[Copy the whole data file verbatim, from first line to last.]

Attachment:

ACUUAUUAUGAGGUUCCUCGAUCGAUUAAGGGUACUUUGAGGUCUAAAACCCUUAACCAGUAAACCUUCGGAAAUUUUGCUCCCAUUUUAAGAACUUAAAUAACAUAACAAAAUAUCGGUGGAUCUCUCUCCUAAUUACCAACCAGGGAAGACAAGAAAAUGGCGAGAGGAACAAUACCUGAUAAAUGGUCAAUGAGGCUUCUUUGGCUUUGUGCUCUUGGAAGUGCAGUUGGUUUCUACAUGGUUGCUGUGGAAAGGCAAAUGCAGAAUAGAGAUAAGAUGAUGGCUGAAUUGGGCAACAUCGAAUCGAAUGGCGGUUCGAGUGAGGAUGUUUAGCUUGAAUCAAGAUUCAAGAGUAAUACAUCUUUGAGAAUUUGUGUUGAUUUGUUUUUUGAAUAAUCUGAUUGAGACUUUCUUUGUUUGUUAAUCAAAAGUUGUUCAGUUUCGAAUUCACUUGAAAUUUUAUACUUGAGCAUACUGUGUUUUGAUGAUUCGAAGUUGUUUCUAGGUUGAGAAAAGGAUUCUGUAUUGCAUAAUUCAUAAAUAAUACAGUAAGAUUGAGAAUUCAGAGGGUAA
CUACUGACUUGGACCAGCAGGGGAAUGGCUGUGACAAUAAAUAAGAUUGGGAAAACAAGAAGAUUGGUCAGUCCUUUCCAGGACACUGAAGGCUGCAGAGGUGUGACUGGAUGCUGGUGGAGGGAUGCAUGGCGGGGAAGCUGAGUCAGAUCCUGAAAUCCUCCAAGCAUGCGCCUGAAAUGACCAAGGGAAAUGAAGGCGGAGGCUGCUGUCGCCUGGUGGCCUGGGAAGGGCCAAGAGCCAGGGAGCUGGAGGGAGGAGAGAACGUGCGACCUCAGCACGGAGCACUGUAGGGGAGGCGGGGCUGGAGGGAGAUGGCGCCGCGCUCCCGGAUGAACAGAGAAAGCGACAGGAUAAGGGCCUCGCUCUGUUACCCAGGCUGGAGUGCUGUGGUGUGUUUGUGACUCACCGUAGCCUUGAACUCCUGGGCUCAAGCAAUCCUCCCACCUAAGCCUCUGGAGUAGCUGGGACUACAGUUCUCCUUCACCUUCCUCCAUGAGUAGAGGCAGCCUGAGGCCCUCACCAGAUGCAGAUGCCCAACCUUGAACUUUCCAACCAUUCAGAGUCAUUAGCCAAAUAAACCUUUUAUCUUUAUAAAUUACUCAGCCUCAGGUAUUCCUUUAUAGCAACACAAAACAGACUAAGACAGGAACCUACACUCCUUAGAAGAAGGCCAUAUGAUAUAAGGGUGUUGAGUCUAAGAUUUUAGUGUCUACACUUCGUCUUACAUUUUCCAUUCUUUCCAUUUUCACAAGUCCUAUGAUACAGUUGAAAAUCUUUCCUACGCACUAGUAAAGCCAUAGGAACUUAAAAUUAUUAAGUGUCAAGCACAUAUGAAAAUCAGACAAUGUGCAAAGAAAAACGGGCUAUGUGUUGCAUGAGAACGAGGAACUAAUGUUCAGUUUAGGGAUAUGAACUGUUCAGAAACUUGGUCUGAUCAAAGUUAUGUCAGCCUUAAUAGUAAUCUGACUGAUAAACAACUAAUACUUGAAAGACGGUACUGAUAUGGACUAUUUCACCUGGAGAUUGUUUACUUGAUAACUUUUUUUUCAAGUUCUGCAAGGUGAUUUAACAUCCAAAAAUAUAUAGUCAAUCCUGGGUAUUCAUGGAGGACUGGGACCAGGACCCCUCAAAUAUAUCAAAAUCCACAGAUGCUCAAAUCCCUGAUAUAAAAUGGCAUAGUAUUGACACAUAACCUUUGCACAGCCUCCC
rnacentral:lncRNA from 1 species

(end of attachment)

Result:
ACUUAUUAUGAGGUUCCUCGAUCGAUUAAGGGUACUUUGAGGUCUAAAACCCUUAACCAGUAAACCUUCGGAAAUUUUGCUCCCAUUUUAAGAACUUAAAUAACAUAACAAAAUAUCGGUGGAUCUCUCUCCUAAUUACCAACCAGGGAAGACAAGAAAAUGGCGAGAGGAACAAUACCUGAUAAAUGGUCAAUGAGGCUUCUUUGGCUUUGUGCUCUUGGAAGUGCAGUUGGUUUCUACAUGGUUGCUGUGGAAAGGCAAAUGCAGAAUAGAGAUAAGAUGAUGGCUGAAUUGGGCAACAUCGAAUCGAAUGGCGGUUCGAGUGAGGAUGUUUAGCUUGAAUCAAGAUUCAAGAGUAAUACAUCUUUGAGAAUUUGUGUUGAUUUGUUUUUUGAAUAAUCUGAUUGAGACUUUCUUUGUUUGUUAAUCAAAAGUUGUUCAGUUUCGAAUUCACUUGAAAUUUUAUACUUGAGCAUACUGUGUUUUGAUGAUUCGAAGUUGUUUCUAGGUUGAGAAAAGGAUUCUGUAUUGCAUAAUUCAUAAAUAAUACAGUAAGAUUGAGAAUUCAGAGGGUAA
CUACUGACUUGGACCAGCAGGGGAAUGGCUGUGACAAUAAAUAAGAUUGGGAAAACAAGAAGAUUGGUCAGUCCUUUCCAGGACACUGAAGGCUGCAGAGGUGUGACUGGAUGCUGGUGGAGGGAUGCAUGGCGGGGAAGCUGAGUCAGAUCCUGAAAUCCUCCAAGCAUGCGCCUGAAAUGACCAAGGGAAAUGAAGGCGGAGGCUGCUGUCGCCUGGUGGCCUGGGAAGGGCCAAGAGCCAGGGAGCUGGAGGGAGGAGAGAACGUGCGACCUCAGCACGGAGCACUGUAGGGGAGGCGGGGCUGGAGGGAGAUGGCGCCGCGCUCCCGGAUGAACAGAGAAAGCGACAGGAUAAGGGCCUCGCUCUGUUACCCAGGCUGGAGUGCUGUGGUGUGUUUGUGACUCACCGUAGCCUUGAACUCCUGGGCUCAAGCAAUCCUCCCACCUAAGCCUCUGGAGUAGCUGGGACUACAGUUCUCCUUCACCUUCCUCCAUGAGUAGAGGCAGCCUGAGGCCCUCACCAGAUGCAGAUGCCCAACCUUGAACUUUCCAACCAUUCAGAGUCAUUAGCCAAAUAAACCUUUUAUCUUUAUAAAUUACUCAGCCUCAGGUAUUCCUUUAUAGCAACACAAAACAGACUAAGACAGGAACCUACACUCCUUAGAAGAAGGCCAUAUGAUAUAAGGGUGUUGAGUCUAAGAUUUUAGUGUCUACACUUCGUCUUACAUUUUCCAUUCUUUCCAUUUUCACAAGUCCUAUGAUACAGUUGAAAAUCUUUCCUACGCACUAGUAAAGCCAUAGGAACUUAAAAUUAUUAAGUGUCAAGCACAUAUGAAAAUCAGACAAUGUGCAAAGAAAAACGGGCUAUGUGUUGCAUGAGAACGAGGAACUAAUGUUCAGUUUAGGGAUAUGAACUGUUCAGAAACUUGGUCUGAUCAAAGUUAUGUCAGCCUUAAUAGUAAUCUGACUGAUAAACAACUAAUACUUGAAAGACGGUACUGAUAUGGACUAUUUCACCUGGAGAUUGUUUACUUGAUAACUUUUUUUUCAAGUUCUGCAAGGUGAUUUAACAUCCAAAAAUAUAUAGUCAAUCCUGGGUAUUCAUGGAGGACUGGGACCAGGACCCCUCAAAUAUAUCAAAAUCCACAGAUGCUCAAAUCCCUGAUAUAAAAUGGCAUAGUAUUGACACAUAACCUUUGCACAGCCUCCC
rnacentral:lncRNA from 1 species